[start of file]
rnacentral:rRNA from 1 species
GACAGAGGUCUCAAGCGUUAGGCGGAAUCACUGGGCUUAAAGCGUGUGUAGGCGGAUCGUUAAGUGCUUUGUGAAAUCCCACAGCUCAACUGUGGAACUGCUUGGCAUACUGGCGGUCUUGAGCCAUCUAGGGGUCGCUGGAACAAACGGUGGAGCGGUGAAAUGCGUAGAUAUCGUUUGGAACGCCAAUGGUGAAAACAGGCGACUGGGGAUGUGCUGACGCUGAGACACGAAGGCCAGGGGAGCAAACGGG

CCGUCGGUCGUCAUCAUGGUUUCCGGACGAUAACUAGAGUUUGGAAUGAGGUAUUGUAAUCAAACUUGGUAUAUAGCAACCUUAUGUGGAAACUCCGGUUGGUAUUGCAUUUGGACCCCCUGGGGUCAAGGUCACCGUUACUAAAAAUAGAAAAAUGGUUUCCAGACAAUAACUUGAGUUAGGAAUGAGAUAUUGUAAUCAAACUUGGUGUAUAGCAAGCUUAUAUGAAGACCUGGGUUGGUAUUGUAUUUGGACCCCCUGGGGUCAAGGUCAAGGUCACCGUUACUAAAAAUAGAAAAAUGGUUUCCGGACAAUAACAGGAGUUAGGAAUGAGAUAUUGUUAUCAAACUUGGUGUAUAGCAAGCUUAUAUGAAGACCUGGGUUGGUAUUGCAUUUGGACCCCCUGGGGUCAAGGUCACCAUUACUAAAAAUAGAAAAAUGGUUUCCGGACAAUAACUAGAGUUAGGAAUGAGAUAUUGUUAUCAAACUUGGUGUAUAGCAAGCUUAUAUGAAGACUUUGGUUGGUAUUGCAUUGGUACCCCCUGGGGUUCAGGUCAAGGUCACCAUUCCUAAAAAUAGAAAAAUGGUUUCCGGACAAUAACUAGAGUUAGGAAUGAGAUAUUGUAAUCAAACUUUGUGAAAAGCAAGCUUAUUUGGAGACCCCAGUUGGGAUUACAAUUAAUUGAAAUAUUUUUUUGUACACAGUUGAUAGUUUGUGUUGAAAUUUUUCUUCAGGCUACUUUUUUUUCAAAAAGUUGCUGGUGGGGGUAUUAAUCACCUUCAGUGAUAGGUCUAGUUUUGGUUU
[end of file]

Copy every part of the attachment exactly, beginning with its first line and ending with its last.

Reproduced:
rnacentral:rRNA from 1 species
GACAGAGGUCUCAAGCGUUAGGCGGAAUCACUGGGCUUAAAGCGUGUGUAGGCGGAUCGUUAAGUGCUUUGUGAAAUCCCACAGCUCAACUGUGGAACUGCUUGGCAUACUGGCGGUCUUGAGCCAUCUAGGGGUCGCUGGAACAAACGGUGGAGCGGUGAAAUGCGUAGAUAUCGUUUGGAACGCCAAUGGUGAAAACAGGCGACUGGGGAUGUGCUGACGCUGAGACACGAAGGCCAGGGGAGCAAACGGG

CCGUCGGUCGUCAUCAUGGUUUCCGGACGAUAACUAGAGUUUGGAAUGAGGUAUUGUAAUCAAACUUGGUAUAUAGCAACCUUAUGUGGAAACUCCGGUUGGUAUUGCAUUUGGACCCCCUGGGGUCAAGGUCACCGUUACUAAAAAUAGAAAAAUGGUUUCCAGACAAUAACUUGAGUUAGGAAUGAGAUAUUGUAAUCAAACUUGGUGUAUAGCAAGCUUAUAUGAAGACCUGGGUUGGUAUUGUAUUUGGACCCCCUGGGGUCAAGGUCAAGGUCACCGUUACUAAAAAUAGAAAAAUGGUUUCCGGACAAUAACAGGAGUUAGGAAUGAGAUAUUGUUAUCAAACUUGGUGUAUAGCAAGCUUAUAUGAAGACCUGGGUUGGUAUUGCAUUUGGACCCCCUGGGGUCAAGGUCACCAUUACUAAAAAUAGAAAAAUGGUUUCCGGACAAUAACUAGAGUUAGGAAUGAGAUAUUGUUAUCAAACUUGGUGUAUAGCAAGCUUAUAUGAAGACUUUGGUUGGUAUUGCAUUGGUACCCCCUGGGGUUCAGGUCAAGGUCACCAUUCCUAAAAAUAGAAAAAUGGUUUCCGGACAAUAACUAGAGUUAGGAAUGAGAUAUUGUAAUCAAACUUUGUGAAAAGCAAGCUUAUUUGGAGACCCCAGUUGGGAUUACAAUUAAUUGAAAUAUUUUUUUGUACACAGUUGAUAGUUUGUGUUGAAAUUUUUCUUCAGGCUACUUUUUUUUCAAAAAGUUGCUGGUGGGGGUAUUAAUCACCUUCAGUGAUAGGUCUAGUUUUGGUUU